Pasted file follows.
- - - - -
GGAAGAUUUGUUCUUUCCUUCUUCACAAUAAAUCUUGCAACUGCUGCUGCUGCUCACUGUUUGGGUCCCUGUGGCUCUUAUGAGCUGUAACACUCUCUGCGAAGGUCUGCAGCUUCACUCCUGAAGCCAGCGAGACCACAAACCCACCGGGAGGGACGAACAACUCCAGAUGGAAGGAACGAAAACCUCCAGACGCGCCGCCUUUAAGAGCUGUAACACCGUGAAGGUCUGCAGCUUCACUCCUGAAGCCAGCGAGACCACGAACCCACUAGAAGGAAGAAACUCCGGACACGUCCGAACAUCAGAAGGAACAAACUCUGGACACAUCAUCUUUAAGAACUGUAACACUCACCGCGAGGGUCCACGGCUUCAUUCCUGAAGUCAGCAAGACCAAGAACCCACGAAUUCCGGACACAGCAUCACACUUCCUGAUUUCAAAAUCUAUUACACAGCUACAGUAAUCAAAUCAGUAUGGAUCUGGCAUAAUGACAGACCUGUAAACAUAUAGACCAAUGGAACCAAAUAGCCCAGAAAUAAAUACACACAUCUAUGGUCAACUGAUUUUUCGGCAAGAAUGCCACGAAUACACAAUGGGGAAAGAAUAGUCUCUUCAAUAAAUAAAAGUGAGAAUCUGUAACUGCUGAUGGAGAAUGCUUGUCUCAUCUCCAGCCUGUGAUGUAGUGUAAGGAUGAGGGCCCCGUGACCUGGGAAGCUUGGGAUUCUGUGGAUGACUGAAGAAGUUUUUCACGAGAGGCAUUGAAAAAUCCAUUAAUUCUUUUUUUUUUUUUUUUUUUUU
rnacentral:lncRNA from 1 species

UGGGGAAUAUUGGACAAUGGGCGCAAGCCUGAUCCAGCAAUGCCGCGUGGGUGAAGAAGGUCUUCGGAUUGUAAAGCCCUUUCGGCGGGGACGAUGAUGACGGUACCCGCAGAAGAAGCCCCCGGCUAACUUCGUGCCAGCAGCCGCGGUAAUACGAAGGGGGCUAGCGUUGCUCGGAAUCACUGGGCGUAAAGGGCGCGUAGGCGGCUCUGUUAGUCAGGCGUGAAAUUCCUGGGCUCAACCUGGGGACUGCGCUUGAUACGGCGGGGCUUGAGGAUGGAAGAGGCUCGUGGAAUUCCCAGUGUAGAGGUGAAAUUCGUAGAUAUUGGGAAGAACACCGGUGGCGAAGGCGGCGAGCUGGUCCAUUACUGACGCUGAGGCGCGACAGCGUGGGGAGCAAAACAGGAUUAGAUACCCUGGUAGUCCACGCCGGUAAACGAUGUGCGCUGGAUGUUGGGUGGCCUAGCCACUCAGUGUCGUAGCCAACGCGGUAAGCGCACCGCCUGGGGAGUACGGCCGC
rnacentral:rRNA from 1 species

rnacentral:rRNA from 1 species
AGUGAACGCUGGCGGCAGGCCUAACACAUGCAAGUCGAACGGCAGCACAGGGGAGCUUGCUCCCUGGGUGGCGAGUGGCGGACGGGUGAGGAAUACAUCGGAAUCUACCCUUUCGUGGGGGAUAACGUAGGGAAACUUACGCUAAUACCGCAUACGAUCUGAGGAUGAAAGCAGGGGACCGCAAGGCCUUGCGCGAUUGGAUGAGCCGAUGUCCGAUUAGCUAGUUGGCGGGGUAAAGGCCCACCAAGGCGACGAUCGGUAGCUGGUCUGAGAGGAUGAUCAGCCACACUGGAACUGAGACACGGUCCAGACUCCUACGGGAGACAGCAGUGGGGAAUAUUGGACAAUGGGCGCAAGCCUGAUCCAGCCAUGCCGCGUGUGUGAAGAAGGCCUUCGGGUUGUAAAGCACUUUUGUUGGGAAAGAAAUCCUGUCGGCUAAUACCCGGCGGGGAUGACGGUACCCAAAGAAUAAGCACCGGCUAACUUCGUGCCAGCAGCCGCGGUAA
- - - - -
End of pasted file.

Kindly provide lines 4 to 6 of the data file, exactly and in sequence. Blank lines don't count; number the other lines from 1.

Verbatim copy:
rnacentral:rRNA from 1 species

rnacentral:rRNA from 1 species
AGUGAACGCUGGCGGCAGGCCUAACACAUGCAAGUCGAACGGCAGCACAGGGGAGCUUGCUCCCUGGGUGGCGAGUGGCGGACGGGUGAGGAAUACAUCGGAAUCUACCCUUUCGUGGGGGAUAACGUAGGGAAACUUACGCUAAUACCGCAUACGAUCUGAGGAUGAAAGCAGGGGACCGCAAGGCCUUGCGCGAUUGGAUGAGCCGAUGUCCGAUUAGCUAGUUGGCGGGGUAAAGGCCCACCAAGGCGACGAUCGGUAGCUGGUCUGAGAGGAUGAUCAGCCACACUGGAACUGAGACACGGUCCAGACUCCUACGGGAGACAGCAGUGGGGAAUAUUGGACAAUGGGCGCAAGCCUGAUCCAGCCAUGCCGCGUGUGUGAAGAAGGCCUUCGGGUUGUAAAGCACUUUUGUUGGGAAAGAAAUCCUGUCGGCUAAUACCCGGCGGGGAUGACGGUACCCAAAGAAUAAGCACCGGCUAACUUCGUGCCAGCAGCCGCGGUAA